First, what exactly is anthrax? Anthrax is an acute disease caused by the bacterium bacillus anthracis. Most forms of the disease are lethal, and it affects both humans and other animals. There are effective vaccines against anthrax, and some forms of the disease respond well to antibiotic treatment.
Anthrax spores can be produced in vitro and used as a biological weapon. Anthrax does not spread directly from one infected animal or person to another; it is spread by spores. These spores can be transported by clothing or shoes. The dead body of an animal that died of anthrax can also be a source of anthrax spores.
The virulent Ames strain, which had been used in the 2001 anthrax attacks has received the most news coverage of any anthrax outbreak. The Ames strain contains two virulence plasmids, which separately encode for a three-protein toxin, called anthrax toxin, and a poly-glutamic acid capsule.
Could have the 2001 attacks been avoided? The Army scientist believed responsible for the 2001 anthrax letter attacks that killed five people and crippled mail delivery in parts of the country had exhibited alarming mental problems that military officials should have noticed and acted on long before he had a chance to strike, a panel of behavioral analysts has found as reported by the Los Angeles Times.
The panel continues:
"(The anthrax attacks) could have been anticipated and prevented. Ivins was psychologically disposed to undertake the mailings; his behavioral history demonstrated his potential for carrying them out; and he had the motivation and means."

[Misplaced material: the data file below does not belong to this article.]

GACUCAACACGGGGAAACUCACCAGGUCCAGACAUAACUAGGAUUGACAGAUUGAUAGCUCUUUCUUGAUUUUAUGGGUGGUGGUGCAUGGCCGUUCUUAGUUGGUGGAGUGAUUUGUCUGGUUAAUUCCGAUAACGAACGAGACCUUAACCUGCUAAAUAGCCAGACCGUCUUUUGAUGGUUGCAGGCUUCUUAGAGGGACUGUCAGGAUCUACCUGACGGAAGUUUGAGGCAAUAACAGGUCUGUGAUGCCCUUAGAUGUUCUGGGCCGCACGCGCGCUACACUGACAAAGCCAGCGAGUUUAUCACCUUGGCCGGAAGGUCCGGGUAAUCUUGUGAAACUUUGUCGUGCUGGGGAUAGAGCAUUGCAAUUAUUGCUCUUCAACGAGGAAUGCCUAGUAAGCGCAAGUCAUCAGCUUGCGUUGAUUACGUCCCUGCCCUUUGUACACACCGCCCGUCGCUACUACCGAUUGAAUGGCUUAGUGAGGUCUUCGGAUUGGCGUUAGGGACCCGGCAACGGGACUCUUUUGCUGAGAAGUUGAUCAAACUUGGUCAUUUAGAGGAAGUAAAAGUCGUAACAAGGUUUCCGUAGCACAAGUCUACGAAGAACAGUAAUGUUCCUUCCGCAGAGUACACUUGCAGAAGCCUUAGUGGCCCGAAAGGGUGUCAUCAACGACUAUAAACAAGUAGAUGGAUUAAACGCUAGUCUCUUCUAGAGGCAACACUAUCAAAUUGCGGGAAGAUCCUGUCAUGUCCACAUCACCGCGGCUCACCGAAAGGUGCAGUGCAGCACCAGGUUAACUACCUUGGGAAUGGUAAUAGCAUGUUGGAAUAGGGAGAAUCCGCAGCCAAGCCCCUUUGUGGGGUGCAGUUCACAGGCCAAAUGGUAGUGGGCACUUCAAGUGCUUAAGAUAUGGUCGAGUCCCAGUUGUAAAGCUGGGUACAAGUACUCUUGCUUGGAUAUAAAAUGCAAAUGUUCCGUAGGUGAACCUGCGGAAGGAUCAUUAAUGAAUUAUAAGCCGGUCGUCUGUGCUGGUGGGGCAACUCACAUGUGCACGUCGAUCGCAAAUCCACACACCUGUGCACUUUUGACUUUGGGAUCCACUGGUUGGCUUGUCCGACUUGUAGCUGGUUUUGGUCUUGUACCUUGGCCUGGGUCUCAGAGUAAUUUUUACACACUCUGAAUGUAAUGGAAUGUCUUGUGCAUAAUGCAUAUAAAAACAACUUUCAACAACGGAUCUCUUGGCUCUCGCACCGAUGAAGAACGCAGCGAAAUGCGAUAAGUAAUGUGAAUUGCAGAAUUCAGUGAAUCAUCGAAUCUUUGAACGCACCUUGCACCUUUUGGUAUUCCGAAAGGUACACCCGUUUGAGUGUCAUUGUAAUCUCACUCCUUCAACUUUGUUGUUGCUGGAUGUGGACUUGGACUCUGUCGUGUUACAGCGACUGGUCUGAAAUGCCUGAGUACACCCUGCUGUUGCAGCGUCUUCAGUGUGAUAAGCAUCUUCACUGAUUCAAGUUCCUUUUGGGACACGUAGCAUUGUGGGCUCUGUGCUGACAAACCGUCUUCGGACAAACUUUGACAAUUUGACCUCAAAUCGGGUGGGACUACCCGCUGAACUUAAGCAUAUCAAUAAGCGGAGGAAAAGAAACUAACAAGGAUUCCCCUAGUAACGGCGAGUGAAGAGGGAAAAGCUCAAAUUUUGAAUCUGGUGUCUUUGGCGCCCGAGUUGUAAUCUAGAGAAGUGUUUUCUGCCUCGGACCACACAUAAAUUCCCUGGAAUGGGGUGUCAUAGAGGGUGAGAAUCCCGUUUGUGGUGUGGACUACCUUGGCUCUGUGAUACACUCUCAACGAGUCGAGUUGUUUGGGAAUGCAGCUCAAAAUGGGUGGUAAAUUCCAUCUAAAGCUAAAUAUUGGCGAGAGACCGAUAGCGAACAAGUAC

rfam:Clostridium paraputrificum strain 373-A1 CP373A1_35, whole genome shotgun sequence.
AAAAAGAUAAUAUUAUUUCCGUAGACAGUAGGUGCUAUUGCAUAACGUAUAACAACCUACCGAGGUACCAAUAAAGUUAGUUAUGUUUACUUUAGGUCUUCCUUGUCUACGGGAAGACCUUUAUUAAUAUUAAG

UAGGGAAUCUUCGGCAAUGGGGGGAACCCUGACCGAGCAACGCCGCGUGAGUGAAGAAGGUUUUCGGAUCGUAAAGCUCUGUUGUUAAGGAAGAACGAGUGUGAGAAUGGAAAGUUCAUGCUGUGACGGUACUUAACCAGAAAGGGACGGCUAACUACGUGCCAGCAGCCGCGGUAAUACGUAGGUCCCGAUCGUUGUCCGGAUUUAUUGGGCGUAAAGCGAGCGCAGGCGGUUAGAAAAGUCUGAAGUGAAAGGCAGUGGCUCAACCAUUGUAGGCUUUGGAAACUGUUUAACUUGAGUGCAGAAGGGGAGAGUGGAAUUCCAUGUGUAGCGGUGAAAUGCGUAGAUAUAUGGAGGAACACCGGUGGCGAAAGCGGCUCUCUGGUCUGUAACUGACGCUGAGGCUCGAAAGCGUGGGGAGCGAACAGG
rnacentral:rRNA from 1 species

Ivins, 62, a microbiologist with expertise in cultivating anthrax, died July 29, 2008. He had taken an overdose of Tylenol PM as federal prosecutors prepared to seek his indictment for murder.
The anonymous, anthrax-laced letters, sent to news organizations and two U.S. senators in October and November 2001, raised fears of a second wave of terrorism after the Sept. 11 hijackings. Anthrax that leaked from one of the letters forced the closure of a Senate office building for three months. Fear of further contamination prompted a six-day shutdown of the House of Representatives and disrupted operations of the Supreme Court.
The panel faulted Army officials for making no effort to debrief any of the psychiatrists or counselors who met with Ivins before the fall of 2001 or thereafter. Nor did the Army pursue questions raised by Ivins' annual disclosures of aspects of his medical treatment.
Looking into Ivins' history, Ivins supposedly became obsessed with Kappa Kappa Gamma in the 1960s, when a member of the sorority turned him down for a date. In the late 1970s and early 1980s, Ivins twice burglarized houses affiliated with the sorority.
The panel continues:
"Information regarding his disqualifying behaviors was readily available in the medical record and accessible to personnel had it been pursued under mechanisms that existed prior to and after 2001."
Among the circumstantial evidence against Ivins was his eagerness to bring to market a new anthrax vaccine, of which he was a co-inventor, and his decades long fixation with the college sorority Kappa Kappa Gamma, whose office in Princeton, N.J., was adjacent to a mailbox where Ivins is believed to have deposited anthrax-laced letters. The mailbox was the only one where investigators found anthrax spores that matched the attack material.
Again, according to the LA Times, the panel concluded:
"Despite criminal behavior and sabotage of his colleague's research. Dr. Ivins was hired by The United States Army Medical Research Institute and received a security clearance, allowing him to work with potential weapons of mass destruction."
For a complete description of the United States' Military Disqualifications, click HERE.
Written By Sy Kraft, B.A.